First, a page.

From WILL - Focus -

Reading into children’s books

Is telling a story or being accurate to history important in a children’s storybook? Today on Focus - balancing fact and fiction in literature for very young readers.

Listen to the Program

(Duration: 51:39)

The cover of Marianne Malone's "The Pirate's Coin," a book in the "68 Rooms" series.

The cover of Marianne Malone's "The Pirate's Coin," a book in the "68 Rooms" series.

Janet Riehecky’s been fascinated by dinosaurs since she was a little girl; today, she writes books about them. This hour on Focus, host Jim Meadows talks with Riehecky about writing a children’s book that grounds itself in scientific fact. Riehecky is the author of several children's books, including the series "Killer Animals," which features a variety of creatures found in nature such as scorpions and cobras.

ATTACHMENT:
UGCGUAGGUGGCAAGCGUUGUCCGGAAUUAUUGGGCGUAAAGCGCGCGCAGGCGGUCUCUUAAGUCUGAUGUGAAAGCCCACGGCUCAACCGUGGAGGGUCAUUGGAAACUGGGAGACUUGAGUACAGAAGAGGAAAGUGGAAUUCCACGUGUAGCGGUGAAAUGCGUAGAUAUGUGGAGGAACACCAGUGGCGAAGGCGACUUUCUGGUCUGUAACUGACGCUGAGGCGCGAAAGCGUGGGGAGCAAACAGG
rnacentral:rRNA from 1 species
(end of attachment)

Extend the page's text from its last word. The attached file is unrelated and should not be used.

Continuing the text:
Then, Meadows talks with Urbana author Marianne Malone. Malone has been working on a series of books inspired by the Thorne Room art exhibit at the Art Institute of Chicago. Although the stories are fictional, she says the books pull from history and are meant to teach about the past. Malone has so far written three books in the series, the latest being The Pirate's Coin.

What were your favorite books when you were little? Did they teach you anything?

Categories: Books and Reading